I’d also recommend both of you reading some books on ADHD. that may help get you on the same page if you both see what exactly is happening in your daughters brain. Russell Barkley has some great books. Even if you don’t get through the whole book (some are lengthy) it was very helpful for me and gave me some perspective when trying to decide what was consequence worthy and what I could let go of. Good luck!

pwb78 profile image
pwb78

It could be good read this book: Taking Charge of ADHD. I found out the hard way that typical parenting techniques don't work for kids with ADHD or ASD. If you and your partner read this book together, you can decide on a common approach. And really, that's something you just both need to sit down and hash out. This is the approach my husband and I used, and we aren't always on the same page, but we are never really totally at odds now.

lbayley profile image
lbayley

I agree with the comments on learning together with your wife whether it's reading a book together or watching a video together. If you are getting educated together, it keeps you on a more even playing field instead of one parent feeling they're getting instructed by the other constantly. If reading together is difficult, there are really good videos like other people have mentioned that you can watch together.

HoldingonLou profile image
HoldingonLou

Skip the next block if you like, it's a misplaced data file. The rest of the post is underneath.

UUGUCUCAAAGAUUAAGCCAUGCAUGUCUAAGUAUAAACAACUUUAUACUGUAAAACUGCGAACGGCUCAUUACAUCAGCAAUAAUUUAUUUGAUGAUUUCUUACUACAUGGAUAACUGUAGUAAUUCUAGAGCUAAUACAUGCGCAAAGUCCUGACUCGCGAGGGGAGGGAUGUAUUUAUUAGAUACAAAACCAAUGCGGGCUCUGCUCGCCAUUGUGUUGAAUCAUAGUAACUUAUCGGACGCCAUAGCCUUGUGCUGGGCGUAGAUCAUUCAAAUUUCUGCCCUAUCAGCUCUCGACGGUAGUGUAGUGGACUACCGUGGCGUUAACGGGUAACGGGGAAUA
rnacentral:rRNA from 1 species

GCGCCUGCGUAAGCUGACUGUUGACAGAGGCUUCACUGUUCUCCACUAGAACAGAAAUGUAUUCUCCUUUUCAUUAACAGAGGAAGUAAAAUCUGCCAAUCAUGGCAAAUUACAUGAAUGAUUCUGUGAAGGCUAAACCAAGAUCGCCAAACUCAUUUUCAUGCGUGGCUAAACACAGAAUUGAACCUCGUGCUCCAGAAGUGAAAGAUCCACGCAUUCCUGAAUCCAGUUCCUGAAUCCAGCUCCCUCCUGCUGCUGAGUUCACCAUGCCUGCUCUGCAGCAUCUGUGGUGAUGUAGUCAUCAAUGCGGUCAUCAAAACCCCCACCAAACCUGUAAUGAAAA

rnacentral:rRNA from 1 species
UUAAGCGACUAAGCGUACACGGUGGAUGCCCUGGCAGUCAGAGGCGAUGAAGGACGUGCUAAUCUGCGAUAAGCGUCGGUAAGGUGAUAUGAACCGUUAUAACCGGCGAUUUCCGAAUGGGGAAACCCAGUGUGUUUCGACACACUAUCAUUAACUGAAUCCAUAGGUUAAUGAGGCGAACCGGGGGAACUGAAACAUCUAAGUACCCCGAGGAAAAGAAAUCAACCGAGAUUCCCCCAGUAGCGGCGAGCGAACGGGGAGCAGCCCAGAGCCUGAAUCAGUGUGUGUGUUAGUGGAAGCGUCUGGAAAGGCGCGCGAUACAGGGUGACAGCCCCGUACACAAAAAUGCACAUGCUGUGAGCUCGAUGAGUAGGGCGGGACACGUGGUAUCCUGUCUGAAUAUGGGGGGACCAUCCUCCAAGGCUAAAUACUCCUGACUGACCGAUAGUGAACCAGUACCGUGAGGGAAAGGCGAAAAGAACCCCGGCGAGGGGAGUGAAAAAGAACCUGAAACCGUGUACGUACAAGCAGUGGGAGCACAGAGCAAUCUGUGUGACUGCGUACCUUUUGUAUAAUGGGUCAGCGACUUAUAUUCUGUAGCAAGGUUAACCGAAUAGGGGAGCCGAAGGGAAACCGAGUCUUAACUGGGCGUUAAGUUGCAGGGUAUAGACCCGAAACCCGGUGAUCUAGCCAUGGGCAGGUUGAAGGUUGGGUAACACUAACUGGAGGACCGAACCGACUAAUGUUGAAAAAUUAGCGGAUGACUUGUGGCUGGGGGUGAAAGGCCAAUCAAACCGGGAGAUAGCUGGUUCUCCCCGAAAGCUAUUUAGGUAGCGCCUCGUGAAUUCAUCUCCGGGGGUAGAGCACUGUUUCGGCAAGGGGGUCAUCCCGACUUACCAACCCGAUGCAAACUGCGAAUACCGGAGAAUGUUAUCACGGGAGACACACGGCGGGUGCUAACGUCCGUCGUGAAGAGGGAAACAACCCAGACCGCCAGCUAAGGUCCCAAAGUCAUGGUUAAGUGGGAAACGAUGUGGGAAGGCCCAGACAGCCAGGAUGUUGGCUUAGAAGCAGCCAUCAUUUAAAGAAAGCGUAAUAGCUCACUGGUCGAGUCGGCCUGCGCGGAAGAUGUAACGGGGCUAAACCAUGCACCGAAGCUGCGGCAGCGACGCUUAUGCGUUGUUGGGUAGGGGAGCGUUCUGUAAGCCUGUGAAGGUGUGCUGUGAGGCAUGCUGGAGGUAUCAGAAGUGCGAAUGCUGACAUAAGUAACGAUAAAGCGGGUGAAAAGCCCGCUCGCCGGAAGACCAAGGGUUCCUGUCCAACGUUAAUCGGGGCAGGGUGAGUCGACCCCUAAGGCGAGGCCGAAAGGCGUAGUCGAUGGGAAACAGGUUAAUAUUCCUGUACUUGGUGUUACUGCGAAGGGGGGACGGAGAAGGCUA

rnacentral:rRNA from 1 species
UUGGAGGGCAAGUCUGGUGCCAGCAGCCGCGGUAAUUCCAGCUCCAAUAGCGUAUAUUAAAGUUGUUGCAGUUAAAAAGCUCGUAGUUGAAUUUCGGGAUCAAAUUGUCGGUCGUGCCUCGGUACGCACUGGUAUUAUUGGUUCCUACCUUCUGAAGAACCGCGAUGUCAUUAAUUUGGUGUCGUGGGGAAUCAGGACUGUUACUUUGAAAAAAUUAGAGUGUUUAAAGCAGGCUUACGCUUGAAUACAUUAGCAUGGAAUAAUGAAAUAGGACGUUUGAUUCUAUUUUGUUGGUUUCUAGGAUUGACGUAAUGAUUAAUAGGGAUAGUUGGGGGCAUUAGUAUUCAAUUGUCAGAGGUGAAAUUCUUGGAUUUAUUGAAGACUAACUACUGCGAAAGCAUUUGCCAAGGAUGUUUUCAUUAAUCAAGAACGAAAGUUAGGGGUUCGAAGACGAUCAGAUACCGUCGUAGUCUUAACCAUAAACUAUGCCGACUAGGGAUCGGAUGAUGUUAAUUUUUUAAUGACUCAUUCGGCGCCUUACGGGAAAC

I think everyposter has great ideas here but Aloysia is my favorite. Keep it simple. Focus on what you can handle and stay united. If you have the plan and write it out then everybody is on the same page. Every day is a learning process.

Danseuse profile image
Danseuse

I totally agree with the comments about learning how to parent and manage a child with ADHD. It can be counterintuitive at times. You two will be in less conflict if you agree on implementing parenting approaches that are based on proven techniques with ADHD kids. Russell Barkey was mentioned above. I’ll attach a great video entitled 30 Essential Ideas for Parents. It’s not a parenting tutorial per se but the more you understand what is going on with your kid the better you can be as a parent. I also started reading a book by another noted ADHD expert, Edward Hallowell who wrote the seminal book, “Driven to Distraction”. At this point, I know a lot about ADHD yet I find this 1994 book so illuminating that I highly recommend it. You’ll see yourself in the case studies of families coping with a child with ADHD. Also, have you joined your local chapter of CHADD? They often have parent groups. Hang in there and best of luck.

youtu.be/SCAGc-rkIfo

Harnessinghope profile image
Harnessinghope

I agree that it will never be perfect. I have a similar kind of struggle. The people around me tell me to beat my girl’s butt. Literally. No physical force can stop a child from being unfocused and continuing the same behaviors. That can however introduce anxiety into an equation that it may not have been present in.

There are so many ways to connect with your child and ways to hold them accountable with love and acceptance of their diagnoses.

It can be hard to rule out what was purposeful and what was not. But there should definitely be some baseline rules and consequences.

The most important thing to pass on, our kids can see divisions from a mile away. The more you and your wife can connect and at least act like you are in agreement, the better long term situation for your child. It is natural to attempt to take advantage of a situation to get a desired outcome. This can and does happen.